Genetically Altered Food? They Dissent
"Genetically Engineered Plants Are Safe - and Necessary," Jan. 28, is a terrific example of what's wrong with current agricultural research. It is driven by money from chemical companies who hope to make billions of dollars at consumers' expense.
An optimal agricultural system raises diverse, bountiful crops in a way that is "life-promoting" for the participants, consumers, biosystem, and local community. Genetic engineering appears to fail on all counts: Respected scientists question the health implications. Runaway "superweeds" may be harder to eradicate. Farmers will have to pay more for engineered seeds. Seeds controlled by distant corporations will further reduce opportunity for small local seed companies, seed saving, and seed company competition.
But there is very good news. Successful solutions are already practiced in organic farming. High yielding when done right, it uses no synthetic chemistry. It is life-promoting for all, except chemical companies. For all practical purposes, there is no organic farming lobby and thus no research grant money. Yet organic produce sales have been the fastest growing segment of US agriculture! We organic farmers are proving that the statement, "genetic engineering is our best hope for reducing reliance on harmful pesticides and herbicides," is utterly false and misleading.
Robert M. Gregson
Vashon Island, Wash.
Some points in the article need correction. First, it states that Bt-corn received one of the "most intense regulatory reviews applied to a food" in the US. US policy is that genetically engineered foods do not need intense regulatory scrutiny, and by and large they do not get it. Ciba-Geigy voluntarily consulted with the Food and Drug Administration (FDA), allowing the Agency to examine data the company chose to supply.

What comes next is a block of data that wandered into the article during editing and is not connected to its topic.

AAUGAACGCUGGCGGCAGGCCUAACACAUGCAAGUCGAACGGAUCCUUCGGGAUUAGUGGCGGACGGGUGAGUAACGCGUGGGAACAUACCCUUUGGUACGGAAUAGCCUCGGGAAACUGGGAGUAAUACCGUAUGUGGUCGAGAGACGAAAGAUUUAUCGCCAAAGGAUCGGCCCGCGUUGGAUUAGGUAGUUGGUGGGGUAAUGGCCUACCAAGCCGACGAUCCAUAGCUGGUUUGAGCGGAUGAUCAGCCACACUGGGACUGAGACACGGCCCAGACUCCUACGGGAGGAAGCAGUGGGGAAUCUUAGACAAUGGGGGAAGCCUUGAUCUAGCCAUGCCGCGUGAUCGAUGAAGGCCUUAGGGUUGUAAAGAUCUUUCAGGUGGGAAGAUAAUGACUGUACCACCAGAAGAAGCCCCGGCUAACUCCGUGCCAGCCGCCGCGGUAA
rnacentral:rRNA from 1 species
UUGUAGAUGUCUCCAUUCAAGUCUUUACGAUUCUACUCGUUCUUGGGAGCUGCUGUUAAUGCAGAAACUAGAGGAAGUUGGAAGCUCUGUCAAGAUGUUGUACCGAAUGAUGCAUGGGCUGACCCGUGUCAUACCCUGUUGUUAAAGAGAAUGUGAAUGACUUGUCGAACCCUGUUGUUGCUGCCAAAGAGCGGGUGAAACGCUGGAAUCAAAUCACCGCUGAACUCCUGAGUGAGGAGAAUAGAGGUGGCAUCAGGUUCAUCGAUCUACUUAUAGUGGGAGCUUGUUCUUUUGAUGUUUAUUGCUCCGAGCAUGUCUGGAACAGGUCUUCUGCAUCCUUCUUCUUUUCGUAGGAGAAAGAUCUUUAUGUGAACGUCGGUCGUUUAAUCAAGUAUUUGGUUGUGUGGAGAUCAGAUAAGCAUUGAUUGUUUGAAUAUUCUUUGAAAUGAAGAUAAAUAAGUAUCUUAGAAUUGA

The FDA did no studies and required none. It did not certify Bt-corn as safe. It merely issued a statement that it was FDA's understanding that Ciba-Geigy had concluded its product did not require premarket review by the FDA.
It is not hard to imagine why the Europeans were not reassured by such paltry efforts. The furor illustrates one problem with weak policy: It leaves the US without a defense when safety concerns are raised.
The article also errs in portraying genetic engineering as natural. Genetic engineering involves highly artificial techniques for isolating and manipulating genetic material. Novel genes can be inserted into new hosts without regard to natural boundaries. Camel genes into bacteria, oak genes into pigs - name the combination and it is theoretically possible. Reference to the origin of chloroplasts is not particularly apt. Eucaryotic cells with chloroplasts arose a billion or so years ago, giving the rest of nature time to adjust. If this is the example of nature as a genetic engineer, she was admirably cautious and has been in retirement for some time.
Much needs to be done to assure an adequate food supply for the growing human family, including improved infrastructure in developing countries, fairer trade practices, and recapturing lost agricultural biodiversity. Whether genetically engineered crops are necessary or sufficient for meeting the challenge is still an open question.
Margaret Mellon, Ph.D., J.D.
Union of Concerned Scientists
I distributed this piece to my sophomore logic students, and here is what they found. To call opponents' arguments "absurd", "flimsy": fallacy of accent. To claim "safety" for biotechnical alterations by citing wide scientific support: fallacy ad autoritatem. To label contrarians "bioextremists": fallacy of name-calling. To justify biotechnology by claiming nature does the same: false analogy. To portray altered plants as the best alternative to pesticides: circular reasoning. To offer only one alternative, genetic engineering or mass starvation: false dilemma.
In short: This was not a bad illustration of the hubris among scientists who are not accustomed to having their own agenda scrutinized. The biotechnological emperor wears few, if any, logical clothes.
Dr. Georg Retzlaff
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